being jennifer garrett
Everyday an adventure in mediocrity
[home] [about me] [photos] [writing] [contact]

The Importance of Roomies

Recently, I attended the wedding of my sophomore year roommate. It was the first wedding among my friends, but I'm sure not the last. It was strange and wonderful to see her setting off on her life, although I felt a little usurped as I was no longer the roomie of choice.

I used to kid in college that I had the two best red-haired, Northern Californian roommates a girl could ever want. I visited one in San Francisco before I went off to see the other marry.

When I came back from my week-long sojourn in northern California, my latest roomie was waiting up for me. I landed in typical Boston summer weather: hot, humid, and in the midst of a sudden thunderstorm. Her concern reminded me of the first all-nighter I pulled on my sophomore year roommate, who was disconcerted to awaken to my empty and made bed (especially rare for get-up-at-noon-only-if-I-have-to me). It reminded me of the night I waited up for my first-year roommate who was late returning from an evening with a boy. And how later that year, she and I shared our very first college all-nighter, and danced on our beds as the morning sun streamed in the window.

Each roommate left something with me: Ames, the importance of making your bed . . . and eating peanut butter cups while studying. Realizing that what you thought something meant is as important as what it actually meant—forever leaving me with the slightly mistranslated Latin phrase, "If you were not lighter than a wicked cork and more ill-tempered than the Adriatic Sea, I would live and die with you."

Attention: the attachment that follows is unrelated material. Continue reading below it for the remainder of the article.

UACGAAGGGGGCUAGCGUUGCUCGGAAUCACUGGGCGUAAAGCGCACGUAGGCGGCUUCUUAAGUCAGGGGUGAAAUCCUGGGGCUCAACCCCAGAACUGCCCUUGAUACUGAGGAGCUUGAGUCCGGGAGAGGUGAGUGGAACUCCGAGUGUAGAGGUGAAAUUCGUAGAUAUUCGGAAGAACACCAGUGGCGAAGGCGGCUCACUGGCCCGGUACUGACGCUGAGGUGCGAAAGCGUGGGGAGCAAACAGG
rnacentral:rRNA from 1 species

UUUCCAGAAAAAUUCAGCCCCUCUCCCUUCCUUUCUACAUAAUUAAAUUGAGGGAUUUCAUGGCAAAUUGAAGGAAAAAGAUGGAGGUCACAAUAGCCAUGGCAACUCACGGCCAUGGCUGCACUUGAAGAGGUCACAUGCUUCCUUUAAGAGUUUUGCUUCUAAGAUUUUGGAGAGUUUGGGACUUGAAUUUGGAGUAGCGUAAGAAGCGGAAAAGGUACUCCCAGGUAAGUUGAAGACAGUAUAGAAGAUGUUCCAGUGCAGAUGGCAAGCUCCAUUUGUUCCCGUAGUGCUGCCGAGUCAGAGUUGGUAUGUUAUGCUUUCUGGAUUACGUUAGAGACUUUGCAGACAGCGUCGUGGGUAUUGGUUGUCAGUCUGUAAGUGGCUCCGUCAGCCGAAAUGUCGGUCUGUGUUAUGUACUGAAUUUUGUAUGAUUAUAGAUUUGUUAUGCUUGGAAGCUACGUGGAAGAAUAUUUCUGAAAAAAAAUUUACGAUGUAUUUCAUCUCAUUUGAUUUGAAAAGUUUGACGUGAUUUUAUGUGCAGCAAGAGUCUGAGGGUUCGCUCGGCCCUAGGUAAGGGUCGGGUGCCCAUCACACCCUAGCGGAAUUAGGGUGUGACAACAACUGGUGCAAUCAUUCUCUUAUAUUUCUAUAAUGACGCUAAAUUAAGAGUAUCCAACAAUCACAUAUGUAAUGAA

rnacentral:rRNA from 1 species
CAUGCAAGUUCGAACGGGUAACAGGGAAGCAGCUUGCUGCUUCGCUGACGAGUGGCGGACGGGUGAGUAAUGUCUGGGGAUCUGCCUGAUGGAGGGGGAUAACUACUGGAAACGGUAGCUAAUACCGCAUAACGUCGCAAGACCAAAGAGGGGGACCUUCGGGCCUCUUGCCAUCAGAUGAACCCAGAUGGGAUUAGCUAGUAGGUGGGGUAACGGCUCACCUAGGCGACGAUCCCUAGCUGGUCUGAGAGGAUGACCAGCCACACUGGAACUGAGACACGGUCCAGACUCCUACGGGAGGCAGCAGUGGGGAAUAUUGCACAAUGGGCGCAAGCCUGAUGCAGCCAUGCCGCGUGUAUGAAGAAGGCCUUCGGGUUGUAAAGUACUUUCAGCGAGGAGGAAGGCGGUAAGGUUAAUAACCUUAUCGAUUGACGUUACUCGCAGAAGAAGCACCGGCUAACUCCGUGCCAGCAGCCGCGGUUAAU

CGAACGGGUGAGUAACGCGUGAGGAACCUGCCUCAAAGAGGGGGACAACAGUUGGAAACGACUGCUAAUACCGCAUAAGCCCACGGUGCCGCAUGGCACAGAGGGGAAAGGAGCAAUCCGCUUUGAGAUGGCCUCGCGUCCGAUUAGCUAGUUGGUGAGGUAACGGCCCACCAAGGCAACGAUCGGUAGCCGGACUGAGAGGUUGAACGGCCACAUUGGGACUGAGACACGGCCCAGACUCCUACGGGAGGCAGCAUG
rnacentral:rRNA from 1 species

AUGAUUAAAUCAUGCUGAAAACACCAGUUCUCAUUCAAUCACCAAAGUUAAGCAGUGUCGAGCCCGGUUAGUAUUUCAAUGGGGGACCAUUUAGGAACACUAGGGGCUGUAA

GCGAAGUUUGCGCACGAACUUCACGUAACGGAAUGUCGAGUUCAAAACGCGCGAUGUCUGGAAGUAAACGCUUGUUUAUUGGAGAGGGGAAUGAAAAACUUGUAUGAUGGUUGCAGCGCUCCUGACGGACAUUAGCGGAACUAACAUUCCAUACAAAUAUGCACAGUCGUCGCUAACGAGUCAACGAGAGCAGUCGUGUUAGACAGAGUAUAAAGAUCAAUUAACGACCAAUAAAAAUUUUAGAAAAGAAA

Jessica, who was the first roommate to actually get me up before noon voluntarily, showed me the beauty of the morning and the outdoors. She taught me the importance of letting people be who they are, and not who you want them to be.

And my current and inimitable roommate Jen has shown me many things and continues to teach me everyday how to be a little bit less who I am and more who I should be. She's also taught me the importance of fresh tomatoes, how to laugh at one's self and one's dog, to love unequivocally, and to never, never trust a golden raisin.

Only a mediocre writer is always at his best.
-- Maugham

Writing is like prostitution. First you do it for love, and then for a few close friends, and then for money.
-- Moliere


©2003 Jennifer E. Garrett